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Wednesday, December 2, 2015

Writing Ideas - New Novel, part 600, more Tone Q and A

2 December 2015, Writing Ideas - New Novel, part 600, more Tone Q and A

Announcement: Delay, my new novels can be seen on the internet, but the publisher has delayed all their fiction output due to the economy.  I'll keep you informed.  More information can be found at  Check out my novels--I think you'll really enjoy them.

Introduction: I wrote the novel Aksinya: Enchantment and the Daemon. This was my 21st novel and through this blog, I gave you the entire novel in installments that included commentary on the writing. In the commentary, in addition to other general information on writing, I explained, how the novel was constructed, the metaphors and symbols in it, the writing techniques and tricks I used, and the way I built the scenes. You can look back through this blog and read the entire novel beginning with

I'm using this novel as an example of how I produce, market, and eventually (we hope) get a novel published. I'll keep you informed along the way.

Today's Blog: To see the steps in the publication process, visit my writing website and select "production schedule," you will be sent to

The four plus one basic rules I employ when writing:

1. Don't confuse your readers.

2. Entertain your readers.

3. Ground your readers in the writing.

4. Don't show (or tell) everything.

5. Immerse yourself in the world of your writing.

All novels have five discrete parts:

1.  The initial scene (the beginning)

2.  The rising action

3.  The climax

4.  The falling action

5.  The dénouement

The theme statement of my 26th novel, working title, Shape, is this: Mrs. Lyons captures a shape-shifting girl in her pantry and rehabilitates her.

Here is the cover proposal for Escape from FreedomEscape is my 25th novel.

Cover Proposal

The most important scene in any novel is the initial scene, but eventually, you have to move to the rising action.  I'm on my first editing run-through of Shape.

I'm an advocate of using the/a scene input/output method to drive the rising action--in fact, to write any novel.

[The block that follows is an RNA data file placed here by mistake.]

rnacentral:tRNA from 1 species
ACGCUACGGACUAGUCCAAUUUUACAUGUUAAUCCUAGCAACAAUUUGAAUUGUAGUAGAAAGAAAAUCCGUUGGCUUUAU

Scene development:

1.  Scene input (easy)

2.  Scene output (a little harder)

3.  Scene setting (basic stuff)

4.  Creativity (creative elements of the scene)

5.  Tension (development of creative elements to build excitement)

6.  Release (climax of creative elements)

I can immediately discern three ways to invoke creativity:

1.  Historical extrapolation

2.  Technological extrapolation

3.  Intellectual extrapolation

Creativity is like an extrapolation of what has been.  It is a reflection of something new created with ties to the history, science, and logic (the intellect).  Creativity requires consuming, thinking, and producing. 

One of my blog readers posed these questions.  I'll use the next few weeks to answer them.

1.  Conflict/tension between characters

2.  Character presentation (appearance, speech, behavior, gestures, actions)

3.  Change, complexity of relationship, and relation to issues/theme

4.  Evolving vs static character

5.  Language and style

6.  Verbal, gesture, action

7.  Words employed

8.  Sentence length

9.  Complexity

10.  Type of grammar

11.  Diction

12.  Field of reference or allusion

13.  Tone - how tone is created through diction, rhythm, sentence construction, sound effects, images created by similes, syntax/re-arrangement of words in sentence, the inflections of the silent or spoken voice, etc.

14.  Mannerism suggested by speech

15.  Style

16.  Distinct manner of writing or speaking you employ, and why (like Pinter's style includes gaps, silences, non-sequitors, and fragments while Chekhov's includes 'apparent' inconclusiveness).

Moving on to 13. 13.  Tone - how tone is created through diction, rhythm, sentence construction, sound effects, images created by similes, syntax/re-arrangement of words in sentence, the inflections of the silent or spoken voice, etc.

If tone is the feel of the writing, the author must start first with what tone he wants to convey.  If the tone is horror or fear, then he must begin or move the tone to horror and fear.  If the tone is blissful love, the author must either start or move the tone to blissful love.  Note, I mentioned to move the tone.

An author does more than produce a singular tone in his writing.  Admittedly, the tone of many authors doesn’t move much and could even be considered a style.  I’m specifically thinking of a certain author whose writing is mostly horror.  Horror is the tone and remains the tone.  I’m not sure this is the best way to develop a novel. 

In writing a scene, the development should be a tension and release cycle.  Using tension and release, the author produces an entertaining development (or more than one) in every scene.  The building of tension should be directly related to tone.  At the same time, the tension should be building without a complete release to the climax of the novel.  Could tone be used to build tension and supplement release? 

Too much of anything is too much—the same tone throughout a novel is just too much.  Just as tension without any release is too much, or a joke without a punchline (or an effective punchline) is not funny.  I will use my novel Aksinya as an example of tone and the development of tone in a novel.  Since this novel is available on this blog, you will have something to examine—plus, I’ll give you examples from the text.  Let’s look in some depth at tone.               

More tomorrow.

For more information, you can visit my author site, and my individual novel websites:

fiction, theme, plot, story, storyline, character development, scene, setting, conversation, novel, book, writing, information, study, marketing, tension, release, creative, idea, logic

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